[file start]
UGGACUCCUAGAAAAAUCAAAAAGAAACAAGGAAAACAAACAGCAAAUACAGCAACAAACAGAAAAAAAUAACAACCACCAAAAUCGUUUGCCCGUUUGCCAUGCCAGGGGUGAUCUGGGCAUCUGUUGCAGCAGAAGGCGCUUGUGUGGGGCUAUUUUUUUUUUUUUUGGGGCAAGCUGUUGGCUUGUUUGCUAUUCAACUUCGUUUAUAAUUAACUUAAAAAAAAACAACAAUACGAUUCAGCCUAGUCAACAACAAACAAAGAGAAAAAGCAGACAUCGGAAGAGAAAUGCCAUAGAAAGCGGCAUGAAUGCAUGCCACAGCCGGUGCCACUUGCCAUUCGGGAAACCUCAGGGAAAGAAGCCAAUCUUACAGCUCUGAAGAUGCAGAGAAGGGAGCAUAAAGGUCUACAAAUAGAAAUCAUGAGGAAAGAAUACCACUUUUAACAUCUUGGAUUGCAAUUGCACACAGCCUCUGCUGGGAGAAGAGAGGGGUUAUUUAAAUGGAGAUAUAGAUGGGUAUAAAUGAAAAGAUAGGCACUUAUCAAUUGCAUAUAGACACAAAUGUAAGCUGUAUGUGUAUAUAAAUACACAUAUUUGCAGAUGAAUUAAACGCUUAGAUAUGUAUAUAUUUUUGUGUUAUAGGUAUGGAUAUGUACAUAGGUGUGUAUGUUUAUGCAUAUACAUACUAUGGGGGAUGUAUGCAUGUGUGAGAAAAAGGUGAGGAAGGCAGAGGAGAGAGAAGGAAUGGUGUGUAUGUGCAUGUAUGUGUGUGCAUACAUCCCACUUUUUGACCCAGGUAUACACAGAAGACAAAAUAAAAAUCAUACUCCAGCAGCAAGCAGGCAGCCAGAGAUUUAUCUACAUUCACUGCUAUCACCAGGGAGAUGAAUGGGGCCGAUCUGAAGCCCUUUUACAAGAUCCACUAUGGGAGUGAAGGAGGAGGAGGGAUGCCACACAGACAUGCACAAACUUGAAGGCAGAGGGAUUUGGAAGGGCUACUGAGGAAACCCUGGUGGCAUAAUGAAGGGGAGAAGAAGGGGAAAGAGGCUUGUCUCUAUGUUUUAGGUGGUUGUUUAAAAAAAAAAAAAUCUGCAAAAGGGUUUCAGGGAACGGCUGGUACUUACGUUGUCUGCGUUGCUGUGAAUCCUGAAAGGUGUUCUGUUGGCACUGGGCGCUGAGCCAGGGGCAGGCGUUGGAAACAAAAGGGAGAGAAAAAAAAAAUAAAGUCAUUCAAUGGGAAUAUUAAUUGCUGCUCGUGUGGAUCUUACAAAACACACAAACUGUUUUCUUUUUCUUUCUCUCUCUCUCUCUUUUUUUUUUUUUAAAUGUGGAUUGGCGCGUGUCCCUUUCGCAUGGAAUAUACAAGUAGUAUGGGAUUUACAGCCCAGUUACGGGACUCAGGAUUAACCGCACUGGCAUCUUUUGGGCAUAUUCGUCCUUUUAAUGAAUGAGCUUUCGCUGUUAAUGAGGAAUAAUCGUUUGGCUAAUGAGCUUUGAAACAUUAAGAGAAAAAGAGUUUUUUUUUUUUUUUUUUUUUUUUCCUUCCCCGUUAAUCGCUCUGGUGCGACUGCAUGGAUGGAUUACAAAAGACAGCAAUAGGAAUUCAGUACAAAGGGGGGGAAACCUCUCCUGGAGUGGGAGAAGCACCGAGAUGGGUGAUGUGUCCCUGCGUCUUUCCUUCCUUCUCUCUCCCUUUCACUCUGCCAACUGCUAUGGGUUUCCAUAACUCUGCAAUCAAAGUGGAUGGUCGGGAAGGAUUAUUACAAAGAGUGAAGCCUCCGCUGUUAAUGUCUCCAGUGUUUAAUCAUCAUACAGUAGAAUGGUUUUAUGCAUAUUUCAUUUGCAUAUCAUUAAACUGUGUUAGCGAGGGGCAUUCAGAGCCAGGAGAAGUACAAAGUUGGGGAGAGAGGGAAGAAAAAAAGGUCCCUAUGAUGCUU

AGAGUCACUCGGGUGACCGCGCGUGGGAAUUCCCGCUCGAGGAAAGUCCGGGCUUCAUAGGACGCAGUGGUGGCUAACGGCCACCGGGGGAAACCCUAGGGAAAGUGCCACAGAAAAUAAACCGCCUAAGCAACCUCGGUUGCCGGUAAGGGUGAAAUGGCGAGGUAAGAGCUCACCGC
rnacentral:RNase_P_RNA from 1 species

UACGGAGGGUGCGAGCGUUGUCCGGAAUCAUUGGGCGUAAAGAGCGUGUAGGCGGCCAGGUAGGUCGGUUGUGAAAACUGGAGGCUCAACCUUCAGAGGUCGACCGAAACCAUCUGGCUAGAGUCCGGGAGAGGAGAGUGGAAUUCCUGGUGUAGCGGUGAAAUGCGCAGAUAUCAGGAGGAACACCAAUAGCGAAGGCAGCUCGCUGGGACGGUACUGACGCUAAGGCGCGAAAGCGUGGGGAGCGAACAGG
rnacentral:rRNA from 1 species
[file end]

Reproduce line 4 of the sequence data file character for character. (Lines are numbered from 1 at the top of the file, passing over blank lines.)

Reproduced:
UACGGAGGGUGCGAGCGUUGUCCGGAAUCAUUGGGCGUAAAGAGCGUGUAGGCGGCCAGGUAGGUCGGUUGUGAAAACUGGAGGCUCAACCUUCAGAGGUCGACCGAAACCAUCUGGCUAGAGUCCGGGAGAGGAGAGUGGAAUUCCUGGUGUAGCGGUGAAAUGCGCAGAUAUCAGGAGGAACACCAAUAGCGAAGGCAGCUCGCUGGGACGGUACUGACGCUAAGGCGCGAAAGCGUGGGGAGCGAACAGG